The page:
Islamic Lifestyle 

Muslims begin annual haj pilgrimage in Mecca

| 30 August, 2017
 Mahmoud Mourad
Muslims begin annual haj pilgrimage in Mecca
Photo: A pilgrim woman makes her way on the first day of the annual Haj pilgrimage in Arafat, Saudi Arabia August 30, 2017. REUTERS/Suhaib Salem

AUGUST 30, 2017 | 1:21PM EDT | MECCA

Hundreds of thousands of Muslims began the annual haj pilgrimage on Wednesday, donning traditional white garments and heading to a tent camp outside the holy city of Mecca in an itinerary retracing the route Prophet Mohammad took 14 centuries ago.

Nearly 2 million worshippers, from nearly every country, arrived in Saudi Arabia this week for the five-day ritual, which is a once-in-a-lifetime religious duty for every able-bodied Muslim who can afford it.

Some prayed at the Grand Mosque before heading to the Mina area or towards Mount Arafat, east of Mecca, where the Prophet is believed to have delivered his final sermon to followers.

They walked or took buses, with traffic police using loudspeakers to try to direct crowds speaking a medley of languages. They were dressed in simple white robes, marking a state of ihram, or ritual purity.

For a graphic on the Haj journey, click: here

Moroccan pilgrim Rida al-Belaqili, waiting to board a bus to Arafat, struggled to find words to describe his feelings.

“We are meeting people from every country and every nationality. There is a sort of unity,” he said. “I hope this will recharge Muslims’ faith and spirituality. I ask God to grant me and all Muslims forgiveness.”

He is performing haj with his wife, Latifa al-Omari, for the second time.

“Haj is not a hardship. This joy and happiness makes you forget everything,” she said.

Saudi Arabia Arafat_Pilgrims make their way on first day of haj_30 August 2017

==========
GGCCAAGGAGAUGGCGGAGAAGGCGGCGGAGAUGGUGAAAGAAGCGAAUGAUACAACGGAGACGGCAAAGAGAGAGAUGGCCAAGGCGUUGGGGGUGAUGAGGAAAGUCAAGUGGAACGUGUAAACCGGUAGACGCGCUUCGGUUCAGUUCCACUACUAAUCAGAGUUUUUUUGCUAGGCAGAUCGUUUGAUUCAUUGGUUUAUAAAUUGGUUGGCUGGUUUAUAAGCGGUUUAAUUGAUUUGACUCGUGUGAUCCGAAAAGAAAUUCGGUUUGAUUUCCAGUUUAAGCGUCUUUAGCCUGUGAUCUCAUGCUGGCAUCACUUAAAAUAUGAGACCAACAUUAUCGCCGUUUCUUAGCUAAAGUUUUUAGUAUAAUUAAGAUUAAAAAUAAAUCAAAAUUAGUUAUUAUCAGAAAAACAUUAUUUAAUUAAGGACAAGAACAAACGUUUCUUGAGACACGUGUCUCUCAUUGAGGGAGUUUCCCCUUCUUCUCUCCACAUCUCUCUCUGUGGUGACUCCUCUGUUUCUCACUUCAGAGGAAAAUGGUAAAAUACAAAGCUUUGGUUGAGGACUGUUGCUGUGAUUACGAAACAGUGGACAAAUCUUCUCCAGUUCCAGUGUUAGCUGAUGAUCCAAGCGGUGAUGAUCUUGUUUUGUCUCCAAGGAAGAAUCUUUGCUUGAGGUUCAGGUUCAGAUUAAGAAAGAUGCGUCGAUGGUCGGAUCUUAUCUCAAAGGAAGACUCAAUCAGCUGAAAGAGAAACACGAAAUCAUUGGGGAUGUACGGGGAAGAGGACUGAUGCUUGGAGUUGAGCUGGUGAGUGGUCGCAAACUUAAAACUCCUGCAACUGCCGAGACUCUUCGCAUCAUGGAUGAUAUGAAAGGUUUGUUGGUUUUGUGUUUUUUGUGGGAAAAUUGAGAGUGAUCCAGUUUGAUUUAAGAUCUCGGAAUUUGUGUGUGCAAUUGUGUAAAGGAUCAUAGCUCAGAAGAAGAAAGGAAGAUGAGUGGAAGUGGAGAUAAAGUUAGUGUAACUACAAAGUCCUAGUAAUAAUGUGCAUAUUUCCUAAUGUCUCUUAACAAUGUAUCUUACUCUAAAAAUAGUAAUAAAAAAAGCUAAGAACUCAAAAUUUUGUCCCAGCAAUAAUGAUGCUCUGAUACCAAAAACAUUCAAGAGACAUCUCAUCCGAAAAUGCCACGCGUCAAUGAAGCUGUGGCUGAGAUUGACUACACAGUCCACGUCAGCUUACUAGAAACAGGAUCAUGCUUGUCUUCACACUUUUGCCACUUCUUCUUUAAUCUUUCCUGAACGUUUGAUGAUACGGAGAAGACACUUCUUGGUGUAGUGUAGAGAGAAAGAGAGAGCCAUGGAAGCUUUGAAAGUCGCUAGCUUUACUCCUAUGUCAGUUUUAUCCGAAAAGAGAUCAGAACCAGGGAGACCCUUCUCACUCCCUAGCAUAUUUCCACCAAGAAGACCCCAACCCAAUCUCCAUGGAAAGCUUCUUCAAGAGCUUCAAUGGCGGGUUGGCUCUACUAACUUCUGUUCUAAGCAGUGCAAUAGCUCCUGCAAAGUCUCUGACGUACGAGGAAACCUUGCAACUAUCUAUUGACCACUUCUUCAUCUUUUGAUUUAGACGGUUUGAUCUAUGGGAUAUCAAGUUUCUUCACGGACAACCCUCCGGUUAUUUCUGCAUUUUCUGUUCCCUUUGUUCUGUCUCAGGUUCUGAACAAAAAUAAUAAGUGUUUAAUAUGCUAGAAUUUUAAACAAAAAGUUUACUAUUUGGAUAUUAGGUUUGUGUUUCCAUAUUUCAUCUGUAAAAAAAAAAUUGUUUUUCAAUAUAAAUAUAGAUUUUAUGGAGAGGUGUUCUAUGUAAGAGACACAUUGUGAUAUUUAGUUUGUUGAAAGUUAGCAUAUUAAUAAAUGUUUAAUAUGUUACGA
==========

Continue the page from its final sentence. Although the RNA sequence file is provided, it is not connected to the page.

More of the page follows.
Photo: Pilgrims make their way on the first day of the annual Haj pilgrimage in Arafat, Saudi Arabia August 30, 2017. REUTERS/Suhaib Salem

All the pilgrims will arrive by Thursday morning at Mount Arafat, about 15 km (10 miles) east of Mecca.

The Eid al-Adha, or feast of the sacrifice, begins on Friday, when pilgrims begin three days of casting stones at walls in a symbolic renunciation of the devil.

The world’s largest annual gathering of Muslims has in the past seen deadly stampedes, fires and riots, with authorities sometimes struggling to respond.

A crush in 2015 killed nearly 800 pilgrims, according to Riyadh, although counts by countries of repatriated bodies showed over 2,000 people may have died, more than 400 of them Iranians.

Saudi Arabia stakes its reputation on its guardianship of Islam’s holiest sites - Mecca and Medina - and organizing the pilgrimage.

Authorities say they have taken all necessary precautions, with more than 100,000 members of the security forces and 30,000 health workers on hand to maintain safety and provide first aid.

Saudi Arabia Arafat_Saudi security control traffic on first day of haj_30 August 2017
Photo: Saudi security control traffic on the first day of the annual Haj pilgrimage in Arafat, Saudi Arabia August 30, 2017. REUTERS/Suhaib Salem

For a graphic on Haj stampedes, click: here

(Writing by Stephen Kalin; Editing by Alison Williams)

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